Practice of Naam Japo
The devotee can practice Naam Japo by remembering God or the Akal Purkh, the supreme formless power that is timeless and deathless. One can also repeat various names and qualities of God. Some of the names of Gods can be found in the Mul Mantar, which is repeated throughout the Guru Granth Sahib, and also found in Guru Gobind Singh's Jaap Sahib, which contains 950 names of God. According to the guideline in the Rehit Mariyada of Guru Gobind Singh, the Sikh should engage in Naam Simran as part of his or her everyday routine. The Sikhs practice both the quiet individual recitation of naam and the loud and communal recitation of Naam. The quiet individual recitation is commonly called Naam Simran and the communal recitation is called Naam Jaap.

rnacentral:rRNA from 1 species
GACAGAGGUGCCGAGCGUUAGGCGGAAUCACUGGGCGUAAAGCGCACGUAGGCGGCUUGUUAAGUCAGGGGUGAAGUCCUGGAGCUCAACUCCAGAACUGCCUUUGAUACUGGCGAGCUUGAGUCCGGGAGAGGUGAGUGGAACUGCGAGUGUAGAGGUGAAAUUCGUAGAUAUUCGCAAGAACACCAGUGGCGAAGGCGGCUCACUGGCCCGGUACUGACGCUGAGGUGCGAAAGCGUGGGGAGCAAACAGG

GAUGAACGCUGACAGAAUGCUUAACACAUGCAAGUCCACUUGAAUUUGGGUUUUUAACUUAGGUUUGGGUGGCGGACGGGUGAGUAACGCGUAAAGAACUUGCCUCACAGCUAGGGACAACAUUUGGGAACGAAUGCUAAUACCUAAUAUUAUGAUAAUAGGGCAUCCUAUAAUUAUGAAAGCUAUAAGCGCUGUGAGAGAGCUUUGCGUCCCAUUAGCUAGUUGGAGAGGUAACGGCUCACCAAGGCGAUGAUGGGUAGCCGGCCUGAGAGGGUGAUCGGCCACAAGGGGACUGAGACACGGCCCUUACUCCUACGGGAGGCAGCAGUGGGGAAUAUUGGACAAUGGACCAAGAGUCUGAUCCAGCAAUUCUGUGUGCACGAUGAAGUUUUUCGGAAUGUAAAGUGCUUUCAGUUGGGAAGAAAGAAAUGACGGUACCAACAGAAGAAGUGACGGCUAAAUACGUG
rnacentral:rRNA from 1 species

Significance of Naam Japo
It is believed that Naam Japo has the power to bring positivity in life. The believers of Naam Japo opine that while remembering God's names a devotee is able to establish the divine connection with God. Nam is able to fulfill all desires and cleanse the mind of its impurities. Through these hymns, the disciples are able to harness Godly qualities and remove the five thieves or evils which are kaam (lust), krodh (rage), lobh (greed), moh (attachment) and hankaar (ego). By removing these evils, Naam Japo brings peace and tranquility into ones mind.
Thus, this act of meditation, singing and chanting is a one of three main pillars of Sikhism.